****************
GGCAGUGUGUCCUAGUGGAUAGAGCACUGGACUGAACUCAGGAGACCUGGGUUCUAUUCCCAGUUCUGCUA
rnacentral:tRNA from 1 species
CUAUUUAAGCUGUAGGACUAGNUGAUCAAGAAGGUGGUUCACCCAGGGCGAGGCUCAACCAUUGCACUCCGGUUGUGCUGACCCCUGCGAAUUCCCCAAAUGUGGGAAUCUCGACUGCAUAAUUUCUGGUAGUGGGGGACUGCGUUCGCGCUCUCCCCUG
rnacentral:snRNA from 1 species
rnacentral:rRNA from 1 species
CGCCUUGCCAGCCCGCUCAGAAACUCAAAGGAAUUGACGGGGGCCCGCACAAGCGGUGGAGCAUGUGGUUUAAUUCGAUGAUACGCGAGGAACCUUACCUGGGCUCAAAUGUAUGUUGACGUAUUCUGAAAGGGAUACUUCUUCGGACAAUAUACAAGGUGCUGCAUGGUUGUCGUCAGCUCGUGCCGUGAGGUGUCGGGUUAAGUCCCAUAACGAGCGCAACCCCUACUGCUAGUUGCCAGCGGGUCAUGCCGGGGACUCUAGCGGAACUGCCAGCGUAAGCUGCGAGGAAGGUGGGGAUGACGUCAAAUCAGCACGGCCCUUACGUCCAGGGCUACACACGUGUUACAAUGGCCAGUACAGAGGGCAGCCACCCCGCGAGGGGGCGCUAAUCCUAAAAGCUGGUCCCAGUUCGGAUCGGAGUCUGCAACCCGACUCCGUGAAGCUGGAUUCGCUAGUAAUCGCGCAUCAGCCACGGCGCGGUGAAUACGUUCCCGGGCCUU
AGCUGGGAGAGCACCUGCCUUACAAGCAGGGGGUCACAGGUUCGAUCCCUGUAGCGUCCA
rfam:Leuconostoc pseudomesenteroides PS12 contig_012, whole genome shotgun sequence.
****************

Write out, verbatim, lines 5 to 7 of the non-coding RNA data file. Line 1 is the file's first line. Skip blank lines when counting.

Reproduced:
rnacentral:rRNA from 1 species
CGCCUUGCCAGCCCGCUCAGAAACUCAAAGGAAUUGACGGGGGCCCGCACAAGCGGUGGAGCAUGUGGUUUAAUUCGAUGAUACGCGAGGAACCUUACCUGGGCUCAAAUGUAUGUUGACGUAUUCUGAAAGGGAUACUUCUUCGGACAAUAUACAAGGUGCUGCAUGGUUGUCGUCAGCUCGUGCCGUGAGGUGUCGGGUUAAGUCCCAUAACGAGCGCAACCCCUACUGCUAGUUGCCAGCGGGUCAUGCCGGGGACUCUAGCGGAACUGCCAGCGUAAGCUGCGAGGAAGGUGGGGAUGACGUCAAAUCAGCACGGCCCUUACGUCCAGGGCUACACACGUGUUACAAUGGCCAGUACAGAGGGCAGCCACCCCGCGAGGGGGCGCUAAUCCUAAAAGCUGGUCCCAGUUCGGAUCGGAGUCUGCAACCCGACUCCGUGAAGCUGGAUUCGCUAGUAAUCGCGCAUCAGCCACGGCGCGGUGAAUACGUUCCCGGGCCUU
AGCUGGGAGAGCACCUGCCUUACAAGCAGGGGGUCACAGGUUCGAUCCCUGUAGCGUCCA